by Rich Edwards Mar 31, 2023

Perks in Payroll, Lifetime Value, SEO

Making payroll sexy, the value of lifetime value, and the insane concentration in the SEO market

My flower beds this past weekend, via Janet40

Spring has sprung. April is almost on us, Baseball is back in season, and we have a few things for you to peruse going into your weekend. This week we have a fintech that helps employers add perks to hourly payroll, a tool to help you uncover the profit in your customers, and a detailed look down the dark hole of search engine optimization (SEO).

1. Adding value to payroll as a service

Fortune profiled Jason Lee of Salt Labs, previously founder of payroll advance fintech DailyPay. The new startup aims to enable employers to offer more tangible benefits to hourly employees, which are typically difficult for small businesses to provide.

Hourly employees typically include restaurant, grocery store and construction workers as well as some nurses that earn a set hourly wage. This group does not have access perks typically offered to salaried employees. “For those in the hourly workforce, or frontline workers, those alternatives don’t exist in one easy way. It’s not like you can go to McDonalds and here’s your stock option program,”

The app lets hourly employees earn rewards, or “Salt,” for each hour they work. Lee pointed to airline frequent flier or Starbucks reward programs as comparable platforms. Unlike those programs, Salt rewards don’t expire. Users can also transfer their Salt to friends and family, even if they don’t work at the same company.

Initially, users can redeem their Salt on goods and experiences, such as travel and education, as well as digital assets like NFTs. Lee hopes to add properties and features that will make Salt “more asset-like,” rather than its current “points-like.” Workers in the future can potentially earn more Salt if they demonstrate certain behaviors like taking unpopular shifts or working at their employer for a long period of time.

Sidebar to the story is Lee’s departure from DailyPay coming after a rebuffed acquisition offer from digital bank Chime:

In May 2022, Chime, the financial services app that was valued at $25 billion two years ago, made a $1.6 billion offer to buy DailyPay, and then bumped its offer up to $2 billion, according to a report from The Information, which was confirmed by Fortune. DailyPay’s investors rejected the proposal in the hopes the future would bring a higher bid…. Lee and (cofounder Rob) Law both left DailyPay in mid-2022. In June, Kevin Coop, the former president of North America at Dun & Bradstreet, joined DailyPay as CEO.

2. Lifetime Value and your FI

This week we launched a new tool, the Customer Lifetime Value Calculator for Community Banks and Credit Unions. With it, you can spot opportunities by weighing revenue streams against the costs of acquiring and retaining individual customers.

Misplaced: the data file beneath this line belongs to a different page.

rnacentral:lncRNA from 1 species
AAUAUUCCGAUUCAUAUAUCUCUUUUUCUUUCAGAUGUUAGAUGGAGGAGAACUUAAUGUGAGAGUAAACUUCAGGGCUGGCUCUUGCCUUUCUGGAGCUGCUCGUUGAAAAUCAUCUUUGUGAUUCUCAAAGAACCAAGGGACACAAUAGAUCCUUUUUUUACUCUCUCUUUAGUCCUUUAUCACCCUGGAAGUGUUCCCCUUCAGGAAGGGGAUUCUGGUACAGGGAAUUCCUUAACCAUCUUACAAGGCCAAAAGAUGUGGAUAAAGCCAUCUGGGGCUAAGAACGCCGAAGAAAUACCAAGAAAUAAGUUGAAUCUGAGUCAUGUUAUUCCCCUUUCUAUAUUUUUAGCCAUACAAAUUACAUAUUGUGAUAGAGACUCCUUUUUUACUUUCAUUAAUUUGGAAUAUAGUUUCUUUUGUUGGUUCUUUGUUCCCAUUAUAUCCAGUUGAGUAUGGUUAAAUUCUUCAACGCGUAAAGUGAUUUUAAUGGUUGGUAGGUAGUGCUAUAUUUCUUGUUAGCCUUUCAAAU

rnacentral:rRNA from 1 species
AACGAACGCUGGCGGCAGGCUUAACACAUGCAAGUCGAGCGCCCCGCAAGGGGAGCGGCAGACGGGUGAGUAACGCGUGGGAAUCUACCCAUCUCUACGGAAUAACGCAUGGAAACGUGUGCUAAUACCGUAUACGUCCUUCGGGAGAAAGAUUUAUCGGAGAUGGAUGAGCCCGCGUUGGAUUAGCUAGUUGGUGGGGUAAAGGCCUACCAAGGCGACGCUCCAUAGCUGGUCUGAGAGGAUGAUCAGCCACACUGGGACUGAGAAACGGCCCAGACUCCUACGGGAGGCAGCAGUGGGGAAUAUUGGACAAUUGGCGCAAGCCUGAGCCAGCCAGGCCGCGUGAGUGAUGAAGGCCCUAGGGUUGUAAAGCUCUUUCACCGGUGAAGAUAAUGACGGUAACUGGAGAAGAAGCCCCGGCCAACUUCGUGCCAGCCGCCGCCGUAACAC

Download it here:

Dig into your customer lifetime value today

3. The short head of SEO

Glen Allsopp of Detailed put together a deep analysis of how 16 companies dominate Google search results.

In the Academy Award-nominated Food Inc, filmmaker Robert Kenner reveals how the extensive range of products we see on supermarket shelves is actually controlled by just a handful of companies.

Today I’m going to reveal how the seemingly diverse list of websites in Google search results are often owned by just a few brands, and exactly what you can learn from those brands in question.

I first covered this topic back in 2016…Many of the leading websites in that initial report are still dominant today, but the companies behind them and how they operate have massively evolved

The men behind the curtain of "big content"

The report digs deep into the industry trends in content and SEO. One persistent theme, that we’ve covered before, is brands buying captive audiences as a way around digital advertising. For example:

Fandom Sold an Online Forum & Game Guide to Hasbro for $146.3M

I’ve never played Dungeons & Dragons but I’ve seen enough hype for the tabletop game over the years that it doesn’t surprise me someone built a hugely successful site to go with it.

In April of 2022, Fandom sold D&DBeyond, a “digital toolset and game companion”, for $146.3M…cash.

The forum section alone has thousands of members online no matter what time of day you check. Those members have started 140,000+ discussions and made over 3 million posts to date. I don’t want to butcher the description of the site as I imagine someone reading this is one of their 10 million registered users, so let me just say it appears the site makes playing D&D a lot more manageable.

It’s a long piece at over 13,0000 words, but worth scanning through to see what digital marketing looks like at the scale of the short head. As Glen ends with:

I’m less concerned about how they might be getting an unfair advantage in Google that I can’t control, and far more interested in what I can learn from what they’re doing in the process.

And that’s it for the end of Q1. Turns out, “like riding a bike” is more complicated than it seems. Thank you so much for reading. Thoughts? Let us know at

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